‘Battlefield’ Was Meant to be Low-Budget Fun
In response to Kenneth Turan’s article “The Trouble With Great Expectations” (June 25):
As an Academy Award winner for set decoration on George Lucas’ “Star Wars,” an Academy Award nominee for art direction on Ridley Scott’s “Alien” and the director of several critically well-received films--including “Nostradamus” (which stars, among others, Academy Award winner F. Murray Abraham) and the Academy Award-winning short film “The Dollar Bottom"--I have always been involved in serious and dramatic work. I am respectful of the rights of film critics who voice their opinions, and in the case of “Battlefield Earth,” Turan is certainly not alone in his.
I must, however, object to his characterization of “Battlefield Earth” as one of this year’s “biggest studio films.” For his information and that of your readers, “Battlefield Earth” was independently financed and distributed by Warner Bros. The live-action production budget for the film, which was shot in its entirety in 52 days, was less than $14 million. Less than $9 million was then spent on special effects.
The entire budget of the film, including all of the above-the-line talent, was less than $52 million. This is roughly one-half to one-third the budget of studio special-effects and action films.
The script I was given to make was written in the pulp science-fiction style. The feel was that of a comic-strip genre movie and was based on the first 500 pages of a 1,000-page book, written in the same style. We decided to stay true to these origins, and set out to make a comic-strip genre movie with dutched camera angles, heightened dramatic shots and larger-than-life characters.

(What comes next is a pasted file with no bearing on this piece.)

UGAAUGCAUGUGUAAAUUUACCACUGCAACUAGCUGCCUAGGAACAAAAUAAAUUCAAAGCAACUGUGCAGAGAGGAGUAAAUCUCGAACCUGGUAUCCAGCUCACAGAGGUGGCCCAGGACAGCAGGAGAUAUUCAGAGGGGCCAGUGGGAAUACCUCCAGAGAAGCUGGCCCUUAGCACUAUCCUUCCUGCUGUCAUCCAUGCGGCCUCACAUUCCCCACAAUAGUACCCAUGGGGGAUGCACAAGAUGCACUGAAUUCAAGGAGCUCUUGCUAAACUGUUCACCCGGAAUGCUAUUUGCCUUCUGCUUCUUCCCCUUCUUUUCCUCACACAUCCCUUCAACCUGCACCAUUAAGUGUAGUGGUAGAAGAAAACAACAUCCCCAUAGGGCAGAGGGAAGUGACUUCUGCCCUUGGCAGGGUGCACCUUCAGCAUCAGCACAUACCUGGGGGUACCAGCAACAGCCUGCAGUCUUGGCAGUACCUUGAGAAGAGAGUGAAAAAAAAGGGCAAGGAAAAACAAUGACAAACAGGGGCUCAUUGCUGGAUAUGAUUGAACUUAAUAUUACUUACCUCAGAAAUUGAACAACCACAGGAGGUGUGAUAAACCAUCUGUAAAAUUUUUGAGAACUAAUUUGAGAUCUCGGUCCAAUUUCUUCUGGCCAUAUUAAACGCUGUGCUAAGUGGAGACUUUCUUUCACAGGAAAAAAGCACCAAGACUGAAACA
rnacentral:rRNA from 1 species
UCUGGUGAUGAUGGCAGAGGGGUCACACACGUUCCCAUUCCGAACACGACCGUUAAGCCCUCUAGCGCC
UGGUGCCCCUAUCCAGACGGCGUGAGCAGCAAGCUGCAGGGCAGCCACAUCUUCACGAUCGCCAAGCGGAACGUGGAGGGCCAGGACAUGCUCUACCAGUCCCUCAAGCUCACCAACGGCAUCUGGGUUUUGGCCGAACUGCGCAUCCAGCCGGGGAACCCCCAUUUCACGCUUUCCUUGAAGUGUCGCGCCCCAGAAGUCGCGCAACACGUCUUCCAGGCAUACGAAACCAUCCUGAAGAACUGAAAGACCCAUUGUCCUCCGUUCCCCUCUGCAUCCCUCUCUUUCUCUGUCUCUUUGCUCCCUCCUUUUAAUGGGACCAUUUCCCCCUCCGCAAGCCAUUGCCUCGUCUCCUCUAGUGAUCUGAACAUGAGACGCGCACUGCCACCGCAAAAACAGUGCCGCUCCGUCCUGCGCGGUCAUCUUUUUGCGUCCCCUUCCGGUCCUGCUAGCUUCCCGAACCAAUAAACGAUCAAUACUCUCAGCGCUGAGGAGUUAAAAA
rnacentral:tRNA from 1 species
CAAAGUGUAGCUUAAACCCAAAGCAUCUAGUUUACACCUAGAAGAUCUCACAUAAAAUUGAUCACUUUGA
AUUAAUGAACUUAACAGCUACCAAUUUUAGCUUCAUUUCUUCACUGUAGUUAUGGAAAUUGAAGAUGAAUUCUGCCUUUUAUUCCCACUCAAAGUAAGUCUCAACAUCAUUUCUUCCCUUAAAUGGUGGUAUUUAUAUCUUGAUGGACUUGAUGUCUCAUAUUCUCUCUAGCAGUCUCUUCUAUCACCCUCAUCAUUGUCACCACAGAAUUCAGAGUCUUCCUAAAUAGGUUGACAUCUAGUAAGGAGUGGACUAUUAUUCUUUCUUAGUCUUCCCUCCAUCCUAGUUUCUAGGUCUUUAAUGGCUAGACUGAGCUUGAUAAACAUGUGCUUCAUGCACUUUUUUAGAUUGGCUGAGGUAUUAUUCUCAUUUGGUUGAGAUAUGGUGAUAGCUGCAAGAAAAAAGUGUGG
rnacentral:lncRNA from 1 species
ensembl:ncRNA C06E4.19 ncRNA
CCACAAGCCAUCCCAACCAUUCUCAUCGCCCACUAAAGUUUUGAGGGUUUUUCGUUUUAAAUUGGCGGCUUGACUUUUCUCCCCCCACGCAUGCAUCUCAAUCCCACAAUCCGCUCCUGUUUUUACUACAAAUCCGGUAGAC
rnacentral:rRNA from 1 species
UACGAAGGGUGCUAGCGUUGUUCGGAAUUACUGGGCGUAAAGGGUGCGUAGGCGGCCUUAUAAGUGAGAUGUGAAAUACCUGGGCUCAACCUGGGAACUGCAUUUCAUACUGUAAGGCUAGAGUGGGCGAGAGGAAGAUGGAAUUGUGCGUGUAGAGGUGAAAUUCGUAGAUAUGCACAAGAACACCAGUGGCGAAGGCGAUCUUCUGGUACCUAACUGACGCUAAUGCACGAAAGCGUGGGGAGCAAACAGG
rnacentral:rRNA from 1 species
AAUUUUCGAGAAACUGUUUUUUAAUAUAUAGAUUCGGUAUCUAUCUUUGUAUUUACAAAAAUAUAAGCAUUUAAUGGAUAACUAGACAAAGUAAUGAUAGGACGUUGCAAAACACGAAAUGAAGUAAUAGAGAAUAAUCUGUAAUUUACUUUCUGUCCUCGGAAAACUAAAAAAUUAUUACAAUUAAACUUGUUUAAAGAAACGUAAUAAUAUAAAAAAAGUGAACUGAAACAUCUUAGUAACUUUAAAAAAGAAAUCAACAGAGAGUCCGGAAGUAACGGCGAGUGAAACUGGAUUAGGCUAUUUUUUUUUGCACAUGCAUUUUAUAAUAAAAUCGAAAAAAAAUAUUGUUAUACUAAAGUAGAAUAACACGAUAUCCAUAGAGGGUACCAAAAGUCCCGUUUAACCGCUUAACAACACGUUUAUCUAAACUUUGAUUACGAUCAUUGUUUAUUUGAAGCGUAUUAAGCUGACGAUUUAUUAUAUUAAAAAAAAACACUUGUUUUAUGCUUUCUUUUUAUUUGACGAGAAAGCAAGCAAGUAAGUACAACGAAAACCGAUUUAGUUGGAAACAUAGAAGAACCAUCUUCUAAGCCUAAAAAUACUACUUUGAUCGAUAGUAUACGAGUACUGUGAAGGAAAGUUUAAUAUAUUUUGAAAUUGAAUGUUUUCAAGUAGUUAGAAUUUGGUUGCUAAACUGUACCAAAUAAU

If viewed as a serious work, this would indeed seem over the top. It is interesting to note, however, that directors such as Lucas, Quentin Tarantino and Billy Bob Thornton, among others--as well as thousands of science-fiction fans--greatly enjoyed the movie, viewing it for what it is: comic-strip fun.
I would like to take this opportunity to correct another piece of misinformation that wasn’t in Turan’s article but has been bandied about elsewhere in the media: that the film contains subliminal messages by the Church of Scientology. This is simply laughable in its absurdity.
The script and the novel are pure action-adventure science fiction. There are no religious themes included. Neither the writers of the script, I nor producers Elie Samaha and Jonathan Krane are members of the Church of Scientology. Nor, to my knowledge, is any other member of the film crew. (Not that I would have dismissed them if I knew they were. I respect the right of free associations and the right of everyone to belong to whichever religion or philosophy that fulfills their spiritual needs.)
I was hired by John Travolta to help him bring his lifelong passion project to the big screen using shoestring and ceiling wax. Under these conditions, I am proud of the job everyone associated with this film did.